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Welcome back to Weekend Writing Warriors and Snippet Sunday, weekly Sunday hops where writers share 8–10 sentences from a book or WIP. I decided to continue the story of young widower Mr. Lebedev reuniting with his missing daughters, from my first Russian historical, You Cannot Kill a Swan.

It’s now May 1922, in America, and female protagonist Lyuba has fallen unconscious from a very high fever after giving birth to her first child with male protagonist Ivan, about a month premature. A young nursing student and new immigrant, Svetlana, has been coming over to help with the baby, and Kroshka always barks like crazy when she’s there.

Ivan is rocking Fedya at 5:30 when Kroshka comes running into the apartment, right to Svetlana, stirring a pot of beef stew at the coal-burning stove.  This can only mean Mr. Lebedev forget to lock the door when he and his daughters left this morning, and forgot to close the door all the way.

“I’m really sorry for her behavior,” Ivan says as he gets up. “She’s normally so sweet and gentle.  Maybe it’s true that lapdogs have fantasies of being as mighty and powerful as big guard dogs, and this is her way of trying to do just that.  She must sense a stranger’s presence, and wants to protect her friends.”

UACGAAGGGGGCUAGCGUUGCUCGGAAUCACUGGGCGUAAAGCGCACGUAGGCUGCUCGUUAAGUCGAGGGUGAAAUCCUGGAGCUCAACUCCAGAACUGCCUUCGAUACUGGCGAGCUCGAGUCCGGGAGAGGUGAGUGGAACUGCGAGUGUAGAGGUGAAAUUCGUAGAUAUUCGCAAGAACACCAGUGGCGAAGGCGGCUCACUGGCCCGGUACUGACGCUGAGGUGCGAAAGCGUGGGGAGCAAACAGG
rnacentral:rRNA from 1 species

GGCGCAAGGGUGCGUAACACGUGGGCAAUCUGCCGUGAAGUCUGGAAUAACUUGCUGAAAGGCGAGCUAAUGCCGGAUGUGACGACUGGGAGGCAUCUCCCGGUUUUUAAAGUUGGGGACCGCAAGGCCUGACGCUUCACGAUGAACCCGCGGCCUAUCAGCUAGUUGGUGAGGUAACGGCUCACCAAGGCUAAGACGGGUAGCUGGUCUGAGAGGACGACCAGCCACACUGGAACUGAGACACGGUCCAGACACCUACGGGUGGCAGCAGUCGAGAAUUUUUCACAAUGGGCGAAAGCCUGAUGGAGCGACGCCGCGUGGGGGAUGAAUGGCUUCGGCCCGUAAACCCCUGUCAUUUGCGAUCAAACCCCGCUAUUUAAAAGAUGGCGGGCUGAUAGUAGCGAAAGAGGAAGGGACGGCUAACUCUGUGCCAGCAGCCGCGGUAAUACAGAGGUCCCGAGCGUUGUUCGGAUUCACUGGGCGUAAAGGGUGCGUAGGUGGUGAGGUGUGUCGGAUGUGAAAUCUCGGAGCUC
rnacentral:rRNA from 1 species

Kroshka is now jumping at Svetlana’s feet, and won’t stop till Svetlana picks her up.  Once she’s in Svetlana’s arms, she frantically starts licking her face.

The reader has already been introduced to Svetlana, who was sent to Siberia with three of her sisters after the Revolution. In Part II, she was reunited with her cousin Nadezhda, who was captured in Ivan’s place.

Nadezhda told Svetlana her father and five of her sisters escaped to America in the spring of 1921. Nadezhda and her sweetheart Pavel were with them at the port of Tallinn, but weren’t able to get on that ship due to not having tickets. When their enemies found them, Pavel managed to get away on a raft and was picked up by another ship, but it was too late for Nadezhda.

Svetlana’s nursing skills earned her rather decent treatment and an eventual early release. She was unable to obtain Nadezhda’s release along with hers.